It took the city's Zoning Board of Appeals more than 45 minutes Thursday to make motions, collect seconds and tally votes on five variances that clear the way for a new Dunkin' Donuts franchise on West Main Street, across from Redfield Parkway.
After a presentation by the project's engineer Kip Finley and comments from members of the public, all Redfield Parkway residents opposed to the project, it came time for the ZBA board to vote on the variance requests for parking, driveways, building placement and height.
Minutes would pass before a motion would be made, then a long pause before a second, and when the question was called, the votes came slow.
All of the variances were approved, but as Chairman Jeff Gillard confirmed later, the board wasn't really thrilled to be the final hurdle the developers need to clear to be able to proceed with the project.
"You can't go by emotion," Gillard said. "You've got to follow the law."
With no legal reason not to approve the variance requests, the board didn't have much recourse, even if they are sympathetic with the concerns of Redfield Parkway residents over potential traffic congestion in the area.
The traffic issues are not part of the ZBA's legal authority to consider.
On the fifth and final variance, allowing a 14-foot wide driveway to access the property from West Main, Board Member Emma Kate Morrill-Mahoney struggled with her vote. She's expressed concern that the angle still wouldn't prevent cars from trying to use it as an exit. The zoning code calls for a 20-foot wide driveway, but that width would probably make it even more likely that patrons would use it for an exit, causing traffic issues. So if Morrill-Mahoney voted no, causing disapproval of the variance on a tie vote, the driveway would have to be 20-foot. When she realized her vote would potentially only make matters worse, she decided to vote yes.
The Redfield Parkway residents who spoke uniformly raised concerns about traffic congestion.
"What does Dunkin’ Donuts have against the better neighborhoods in Batavia?" asked Donald Fryling. "First they build at the end of Ellicott Avenue, now they want to build at Redfield. What’s next, a donut shop on Naramore Drive?"
A Dunkin' Donuts at this location, between Barrett's Marine & Sporting Supplies and Five Star Bank, was first proposed a year ago and that proposal was rejected by city planners. Finley met with city staff and fashioned a new proposal to address the concerns of the city and the residents. The building will be Cape Cod style in design to better match the homes in the area; it's frontage will align with Barrett's to be a little more urban and less suburban sprawl in feel; and the driveways will be narrower to better channel traffic in the directions that least hinder the flow of traffic.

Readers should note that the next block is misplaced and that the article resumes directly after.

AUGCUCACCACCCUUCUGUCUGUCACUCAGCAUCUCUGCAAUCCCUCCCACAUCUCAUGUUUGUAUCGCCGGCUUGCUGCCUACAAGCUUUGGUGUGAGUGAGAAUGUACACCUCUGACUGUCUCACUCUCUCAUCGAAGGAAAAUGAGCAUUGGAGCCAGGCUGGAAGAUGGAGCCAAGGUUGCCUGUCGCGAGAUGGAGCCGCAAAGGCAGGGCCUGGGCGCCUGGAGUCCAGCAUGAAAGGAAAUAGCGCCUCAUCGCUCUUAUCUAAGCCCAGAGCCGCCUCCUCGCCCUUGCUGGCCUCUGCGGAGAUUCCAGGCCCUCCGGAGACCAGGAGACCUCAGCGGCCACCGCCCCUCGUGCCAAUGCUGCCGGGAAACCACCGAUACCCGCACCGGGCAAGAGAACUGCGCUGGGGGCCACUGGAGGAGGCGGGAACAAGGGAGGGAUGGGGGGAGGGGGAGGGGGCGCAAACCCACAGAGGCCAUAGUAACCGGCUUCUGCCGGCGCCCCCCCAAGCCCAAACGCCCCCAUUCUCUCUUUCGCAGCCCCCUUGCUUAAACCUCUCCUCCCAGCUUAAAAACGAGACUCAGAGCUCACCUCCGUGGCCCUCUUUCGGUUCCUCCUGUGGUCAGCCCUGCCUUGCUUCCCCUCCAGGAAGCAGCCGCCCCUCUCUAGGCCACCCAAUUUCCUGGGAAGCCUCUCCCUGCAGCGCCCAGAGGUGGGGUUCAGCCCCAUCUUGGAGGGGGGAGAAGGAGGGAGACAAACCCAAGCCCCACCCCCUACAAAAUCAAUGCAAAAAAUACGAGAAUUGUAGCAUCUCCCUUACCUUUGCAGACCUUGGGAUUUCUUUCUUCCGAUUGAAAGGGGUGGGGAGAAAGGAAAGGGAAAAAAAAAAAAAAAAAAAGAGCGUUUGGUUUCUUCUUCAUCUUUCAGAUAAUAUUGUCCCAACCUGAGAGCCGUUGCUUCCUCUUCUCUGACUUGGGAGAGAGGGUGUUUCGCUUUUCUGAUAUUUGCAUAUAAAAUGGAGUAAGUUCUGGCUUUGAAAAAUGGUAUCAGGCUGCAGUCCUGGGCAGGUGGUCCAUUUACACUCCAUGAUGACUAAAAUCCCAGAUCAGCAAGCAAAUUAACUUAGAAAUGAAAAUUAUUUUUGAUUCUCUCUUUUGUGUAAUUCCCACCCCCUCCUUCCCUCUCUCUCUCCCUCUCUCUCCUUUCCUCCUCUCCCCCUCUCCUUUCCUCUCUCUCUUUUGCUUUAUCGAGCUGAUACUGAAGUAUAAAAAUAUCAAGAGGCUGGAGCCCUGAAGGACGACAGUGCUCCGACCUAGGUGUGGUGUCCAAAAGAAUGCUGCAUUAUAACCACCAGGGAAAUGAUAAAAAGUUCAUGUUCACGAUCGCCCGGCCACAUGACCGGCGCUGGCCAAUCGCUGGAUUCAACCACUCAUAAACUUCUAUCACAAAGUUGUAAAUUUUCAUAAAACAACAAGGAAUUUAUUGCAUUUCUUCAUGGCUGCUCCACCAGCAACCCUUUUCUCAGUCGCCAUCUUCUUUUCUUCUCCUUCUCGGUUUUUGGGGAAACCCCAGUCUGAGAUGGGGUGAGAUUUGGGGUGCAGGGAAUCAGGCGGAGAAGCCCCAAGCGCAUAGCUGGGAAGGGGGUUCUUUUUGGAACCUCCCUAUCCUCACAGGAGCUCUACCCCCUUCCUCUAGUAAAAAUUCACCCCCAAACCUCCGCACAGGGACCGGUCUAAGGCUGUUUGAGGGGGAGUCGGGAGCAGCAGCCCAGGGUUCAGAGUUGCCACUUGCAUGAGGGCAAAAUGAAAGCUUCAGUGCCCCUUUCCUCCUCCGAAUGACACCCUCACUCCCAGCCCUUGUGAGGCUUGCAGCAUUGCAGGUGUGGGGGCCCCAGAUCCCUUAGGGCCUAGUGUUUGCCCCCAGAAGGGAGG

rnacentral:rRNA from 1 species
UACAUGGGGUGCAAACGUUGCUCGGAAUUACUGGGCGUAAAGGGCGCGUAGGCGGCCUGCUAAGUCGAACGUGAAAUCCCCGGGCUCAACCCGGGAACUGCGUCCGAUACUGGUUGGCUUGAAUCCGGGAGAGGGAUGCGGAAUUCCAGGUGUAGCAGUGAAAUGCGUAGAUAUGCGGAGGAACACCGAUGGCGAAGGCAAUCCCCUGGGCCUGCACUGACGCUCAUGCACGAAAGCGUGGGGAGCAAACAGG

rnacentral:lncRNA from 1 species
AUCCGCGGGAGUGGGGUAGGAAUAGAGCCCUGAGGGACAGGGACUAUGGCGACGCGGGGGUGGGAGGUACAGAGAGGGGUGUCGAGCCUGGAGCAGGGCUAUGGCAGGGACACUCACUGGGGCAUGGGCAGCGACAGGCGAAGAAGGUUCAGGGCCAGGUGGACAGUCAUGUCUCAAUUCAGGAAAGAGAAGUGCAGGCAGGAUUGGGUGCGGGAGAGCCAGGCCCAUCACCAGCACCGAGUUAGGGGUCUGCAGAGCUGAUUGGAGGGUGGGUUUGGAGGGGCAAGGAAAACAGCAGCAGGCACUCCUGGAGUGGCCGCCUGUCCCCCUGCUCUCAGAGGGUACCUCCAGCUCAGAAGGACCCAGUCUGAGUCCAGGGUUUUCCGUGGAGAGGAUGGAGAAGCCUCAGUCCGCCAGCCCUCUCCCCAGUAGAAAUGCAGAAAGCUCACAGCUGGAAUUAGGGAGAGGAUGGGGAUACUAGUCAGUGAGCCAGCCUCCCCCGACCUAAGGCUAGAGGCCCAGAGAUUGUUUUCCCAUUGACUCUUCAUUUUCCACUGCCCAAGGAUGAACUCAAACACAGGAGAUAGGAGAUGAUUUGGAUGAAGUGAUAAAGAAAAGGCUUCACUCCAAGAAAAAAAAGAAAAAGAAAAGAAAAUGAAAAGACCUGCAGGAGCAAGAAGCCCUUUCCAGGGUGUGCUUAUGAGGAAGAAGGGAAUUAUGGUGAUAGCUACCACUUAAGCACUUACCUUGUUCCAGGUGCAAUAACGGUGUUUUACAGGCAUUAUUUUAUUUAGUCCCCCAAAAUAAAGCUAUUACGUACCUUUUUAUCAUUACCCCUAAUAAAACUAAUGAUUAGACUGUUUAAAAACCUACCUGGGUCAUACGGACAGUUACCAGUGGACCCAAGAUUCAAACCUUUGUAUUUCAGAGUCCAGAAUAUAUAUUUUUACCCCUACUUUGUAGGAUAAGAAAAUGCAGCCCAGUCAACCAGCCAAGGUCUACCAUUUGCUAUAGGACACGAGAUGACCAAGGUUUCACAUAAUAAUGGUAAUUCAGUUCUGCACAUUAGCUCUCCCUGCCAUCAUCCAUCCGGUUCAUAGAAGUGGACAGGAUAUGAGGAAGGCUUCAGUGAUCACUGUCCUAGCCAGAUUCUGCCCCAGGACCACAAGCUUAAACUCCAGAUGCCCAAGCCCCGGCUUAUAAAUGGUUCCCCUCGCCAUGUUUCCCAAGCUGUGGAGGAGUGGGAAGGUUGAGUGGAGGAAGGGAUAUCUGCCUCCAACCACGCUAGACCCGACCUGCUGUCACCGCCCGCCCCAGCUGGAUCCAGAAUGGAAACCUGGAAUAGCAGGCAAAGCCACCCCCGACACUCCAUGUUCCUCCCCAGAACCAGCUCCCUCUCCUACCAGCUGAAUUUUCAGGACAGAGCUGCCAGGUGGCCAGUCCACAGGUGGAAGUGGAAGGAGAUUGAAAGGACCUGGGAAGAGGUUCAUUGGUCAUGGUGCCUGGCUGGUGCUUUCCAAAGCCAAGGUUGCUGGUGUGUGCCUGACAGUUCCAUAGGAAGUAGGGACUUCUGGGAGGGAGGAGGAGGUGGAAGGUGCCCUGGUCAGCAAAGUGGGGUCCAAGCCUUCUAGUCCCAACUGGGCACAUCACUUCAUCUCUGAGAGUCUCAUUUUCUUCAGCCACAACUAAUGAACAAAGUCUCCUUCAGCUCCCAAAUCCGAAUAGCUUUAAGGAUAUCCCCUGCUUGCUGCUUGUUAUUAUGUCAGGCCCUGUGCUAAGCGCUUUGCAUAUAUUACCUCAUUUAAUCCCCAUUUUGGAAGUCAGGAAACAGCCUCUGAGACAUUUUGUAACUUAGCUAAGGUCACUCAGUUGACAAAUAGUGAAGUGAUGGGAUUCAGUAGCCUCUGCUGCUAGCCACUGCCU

All of these changes necessitated approvals for variances from the ZBA, and since they were good faith efforts by the developer to address concerns, the ZBA couldn't just arbitrarily reject them.
Among the questions raised through the planning process is why Dunkin' Donuts in this location? Why not another location?
Franchisee Mike Mikolajczyk said it's simple, this location makes the most business sense.
"It's absolutely the best location we could have in the city," Mikolajczyk said.
There have been marketing studies and traffic flow studies and all of the data singles out this location as the best one currently available among all other options.
"It's a great intersection, a great area, that's why everybody wants to be there and that's why it's busy, and that's where Dunkin' goes, a busy area," Mikolajczyk said.
Finley said the next step in the process is completing the architectural drawings and completing the purchase of the property. The earliest the new shop could be open is prior to Christmas 2016.
Since a donut shop isn't a destination type of business, but a business that captures existing traffic, it's important to be where the traffic is, Mikolajczyk explained, and since it's not a destination, it won't add to traffic congestion, as some neighbors fear.
"I've visited with people in the neighborhood and they all have my phone number," Mikolajczyk said. "I don't' want to be a bad neighbor. I don't want to have people hate me before I even get in there, so I'm doing my best to be a good neighor and be a good businessman and asset to the neighborhood."
One reason the location is important to Mikolajczyk is that his current location -- on the corner of Ellicott Avenue and West Main -- does a great job of capturing eastbound traffic. It doesn't capture a lot of westbound traffic, and the new location will do that, he said.
Asked why this location instead of something on East Main, and Mikolajczyk kind of smiled. That may be coming, too, he said.